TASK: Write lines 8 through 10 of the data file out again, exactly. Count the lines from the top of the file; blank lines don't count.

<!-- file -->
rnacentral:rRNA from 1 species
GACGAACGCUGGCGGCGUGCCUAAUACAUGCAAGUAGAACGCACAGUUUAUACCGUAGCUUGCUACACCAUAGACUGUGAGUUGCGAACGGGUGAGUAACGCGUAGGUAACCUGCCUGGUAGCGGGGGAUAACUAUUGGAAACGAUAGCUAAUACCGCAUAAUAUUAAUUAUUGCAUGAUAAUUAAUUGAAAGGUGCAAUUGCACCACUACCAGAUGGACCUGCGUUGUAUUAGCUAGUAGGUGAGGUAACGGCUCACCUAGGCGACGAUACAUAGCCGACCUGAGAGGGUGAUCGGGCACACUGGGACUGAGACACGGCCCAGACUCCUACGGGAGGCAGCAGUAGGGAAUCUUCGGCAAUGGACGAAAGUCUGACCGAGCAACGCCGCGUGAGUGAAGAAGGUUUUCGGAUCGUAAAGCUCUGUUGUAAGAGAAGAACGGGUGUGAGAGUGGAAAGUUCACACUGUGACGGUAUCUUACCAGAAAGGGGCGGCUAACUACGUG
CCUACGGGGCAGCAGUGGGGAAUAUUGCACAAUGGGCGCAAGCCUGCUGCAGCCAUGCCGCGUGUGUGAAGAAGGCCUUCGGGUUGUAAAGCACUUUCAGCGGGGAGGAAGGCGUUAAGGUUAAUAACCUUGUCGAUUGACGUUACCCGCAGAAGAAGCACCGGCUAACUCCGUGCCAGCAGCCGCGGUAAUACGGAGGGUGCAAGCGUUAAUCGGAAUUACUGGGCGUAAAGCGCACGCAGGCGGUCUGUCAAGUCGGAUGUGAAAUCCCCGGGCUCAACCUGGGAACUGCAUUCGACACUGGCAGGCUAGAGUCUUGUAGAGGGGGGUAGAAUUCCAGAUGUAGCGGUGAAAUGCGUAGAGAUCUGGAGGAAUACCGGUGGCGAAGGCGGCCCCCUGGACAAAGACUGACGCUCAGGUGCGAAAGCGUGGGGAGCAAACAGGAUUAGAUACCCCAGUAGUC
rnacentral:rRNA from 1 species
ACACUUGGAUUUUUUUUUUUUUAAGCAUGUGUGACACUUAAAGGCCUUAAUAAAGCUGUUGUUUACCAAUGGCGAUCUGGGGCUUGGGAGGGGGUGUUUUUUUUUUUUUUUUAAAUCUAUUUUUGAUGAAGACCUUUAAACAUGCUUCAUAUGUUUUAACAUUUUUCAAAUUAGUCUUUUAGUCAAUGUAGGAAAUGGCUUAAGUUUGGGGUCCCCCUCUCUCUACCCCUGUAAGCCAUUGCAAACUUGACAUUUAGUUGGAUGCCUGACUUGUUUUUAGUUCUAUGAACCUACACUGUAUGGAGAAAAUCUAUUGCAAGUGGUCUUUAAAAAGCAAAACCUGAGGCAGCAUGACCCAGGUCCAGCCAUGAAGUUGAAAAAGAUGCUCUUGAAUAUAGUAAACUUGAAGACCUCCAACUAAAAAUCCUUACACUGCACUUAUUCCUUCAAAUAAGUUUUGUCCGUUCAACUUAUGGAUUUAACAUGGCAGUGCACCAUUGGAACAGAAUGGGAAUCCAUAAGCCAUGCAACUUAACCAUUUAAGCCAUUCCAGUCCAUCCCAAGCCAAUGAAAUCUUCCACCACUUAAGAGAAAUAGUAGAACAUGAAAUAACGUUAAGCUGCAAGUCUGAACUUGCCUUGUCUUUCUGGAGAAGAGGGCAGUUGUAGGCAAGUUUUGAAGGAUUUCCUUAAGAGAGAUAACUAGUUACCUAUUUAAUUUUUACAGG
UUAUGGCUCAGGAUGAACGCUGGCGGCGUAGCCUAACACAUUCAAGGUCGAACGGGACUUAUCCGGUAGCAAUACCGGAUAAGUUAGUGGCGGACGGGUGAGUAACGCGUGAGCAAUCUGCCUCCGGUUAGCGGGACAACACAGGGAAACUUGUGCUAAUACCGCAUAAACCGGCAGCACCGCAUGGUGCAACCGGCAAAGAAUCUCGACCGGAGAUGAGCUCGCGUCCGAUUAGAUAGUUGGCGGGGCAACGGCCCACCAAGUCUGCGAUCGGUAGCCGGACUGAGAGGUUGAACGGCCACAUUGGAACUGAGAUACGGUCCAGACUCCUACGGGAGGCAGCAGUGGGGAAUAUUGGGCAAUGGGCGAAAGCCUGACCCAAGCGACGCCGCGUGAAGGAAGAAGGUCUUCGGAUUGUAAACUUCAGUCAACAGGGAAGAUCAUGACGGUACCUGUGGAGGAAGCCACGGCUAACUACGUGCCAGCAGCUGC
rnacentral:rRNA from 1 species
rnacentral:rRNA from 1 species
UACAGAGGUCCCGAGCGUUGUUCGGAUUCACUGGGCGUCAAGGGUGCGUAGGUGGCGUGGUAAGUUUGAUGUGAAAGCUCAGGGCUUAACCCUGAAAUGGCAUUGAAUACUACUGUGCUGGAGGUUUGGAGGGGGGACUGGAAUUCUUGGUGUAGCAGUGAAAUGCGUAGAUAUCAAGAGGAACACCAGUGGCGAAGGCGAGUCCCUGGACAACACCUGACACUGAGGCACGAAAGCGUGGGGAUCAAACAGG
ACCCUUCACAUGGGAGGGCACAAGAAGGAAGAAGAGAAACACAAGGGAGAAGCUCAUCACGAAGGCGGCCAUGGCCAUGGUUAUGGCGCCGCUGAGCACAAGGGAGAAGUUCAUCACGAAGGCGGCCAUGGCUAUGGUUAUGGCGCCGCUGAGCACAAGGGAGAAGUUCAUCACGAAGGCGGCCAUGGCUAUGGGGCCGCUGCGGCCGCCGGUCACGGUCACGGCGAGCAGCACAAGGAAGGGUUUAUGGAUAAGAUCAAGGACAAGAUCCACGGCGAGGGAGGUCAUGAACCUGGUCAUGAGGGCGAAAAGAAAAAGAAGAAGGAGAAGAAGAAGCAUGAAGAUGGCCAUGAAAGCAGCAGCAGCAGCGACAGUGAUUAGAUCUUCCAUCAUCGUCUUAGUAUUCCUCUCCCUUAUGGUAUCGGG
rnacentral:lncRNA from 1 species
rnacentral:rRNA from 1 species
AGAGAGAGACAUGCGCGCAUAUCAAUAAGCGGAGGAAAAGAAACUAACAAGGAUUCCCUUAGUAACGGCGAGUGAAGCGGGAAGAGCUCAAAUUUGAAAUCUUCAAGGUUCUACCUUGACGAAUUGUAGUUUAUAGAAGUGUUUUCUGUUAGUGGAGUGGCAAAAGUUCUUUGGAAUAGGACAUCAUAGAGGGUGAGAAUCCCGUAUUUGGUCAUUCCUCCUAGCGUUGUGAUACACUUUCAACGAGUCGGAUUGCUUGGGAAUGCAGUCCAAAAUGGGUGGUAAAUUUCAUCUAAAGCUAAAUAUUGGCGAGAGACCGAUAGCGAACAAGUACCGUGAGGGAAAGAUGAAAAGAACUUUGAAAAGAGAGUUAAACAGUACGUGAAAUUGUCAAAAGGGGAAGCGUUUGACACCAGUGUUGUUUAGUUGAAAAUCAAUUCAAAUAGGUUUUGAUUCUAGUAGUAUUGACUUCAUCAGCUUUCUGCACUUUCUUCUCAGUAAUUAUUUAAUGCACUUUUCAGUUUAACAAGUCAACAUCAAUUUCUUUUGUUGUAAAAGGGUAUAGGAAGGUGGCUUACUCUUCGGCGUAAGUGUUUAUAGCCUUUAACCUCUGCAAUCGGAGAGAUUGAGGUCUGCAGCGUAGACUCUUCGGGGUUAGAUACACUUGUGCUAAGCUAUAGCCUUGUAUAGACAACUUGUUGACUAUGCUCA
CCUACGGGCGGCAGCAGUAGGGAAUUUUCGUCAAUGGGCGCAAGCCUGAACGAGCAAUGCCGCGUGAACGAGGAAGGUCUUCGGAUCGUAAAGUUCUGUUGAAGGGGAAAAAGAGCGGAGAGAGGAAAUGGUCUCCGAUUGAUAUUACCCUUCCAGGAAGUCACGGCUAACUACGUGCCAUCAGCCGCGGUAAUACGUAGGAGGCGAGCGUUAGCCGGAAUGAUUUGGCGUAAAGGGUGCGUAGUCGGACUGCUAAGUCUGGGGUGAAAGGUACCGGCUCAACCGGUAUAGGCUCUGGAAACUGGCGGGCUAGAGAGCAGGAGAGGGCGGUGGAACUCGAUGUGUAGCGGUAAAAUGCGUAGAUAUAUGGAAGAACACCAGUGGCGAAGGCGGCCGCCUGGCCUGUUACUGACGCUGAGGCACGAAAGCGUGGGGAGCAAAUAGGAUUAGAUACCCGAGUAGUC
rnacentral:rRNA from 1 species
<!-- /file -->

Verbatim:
rnacentral:rRNA from 1 species
UACAGAGGUCCCGAGCGUUGUUCGGAUUCACUGGGCGUCAAGGGUGCGUAGGUGGCGUGGUAAGUUUGAUGUGAAAGCUCAGGGCUUAACCCUGAAAUGGCAUUGAAUACUACUGUGCUGGAGGUUUGGAGGGGGGACUGGAAUUCUUGGUGUAGCAGUGAAAUGCGUAGAUAUCAAGAGGAACACCAGUGGCGAAGGCGAGUCCCUGGACAACACCUGACACUGAGGCACGAAAGCGUGGGGAUCAAACAGG
ACCCUUCACAUGGGAGGGCACAAGAAGGAAGAAGAGAAACACAAGGGAGAAGCUCAUCACGAAGGCGGCCAUGGCCAUGGUUAUGGCGCCGCUGAGCACAAGGGAGAAGUUCAUCACGAAGGCGGCCAUGGCUAUGGUUAUGGCGCCGCUGAGCACAAGGGAGAAGUUCAUCACGAAGGCGGCCAUGGCUAUGGGGCCGCUGCGGCCGCCGGUCACGGUCACGGCGAGCAGCACAAGGAAGGGUUUAUGGAUAAGAUCAAGGACAAGAUCCACGGCGAGGGAGGUCAUGAACCUGGUCAUGAGGGCGAAAAGAAAAAGAAGAAGGAGAAGAAGAAGCAUGAAGAUGGCCAUGAAAGCAGCAGCAGCAGCGACAGUGAUUAGAUCUUCCAUCAUCGUCUUAGUAUUCCUCUCCCUUAUGGUAUCGGG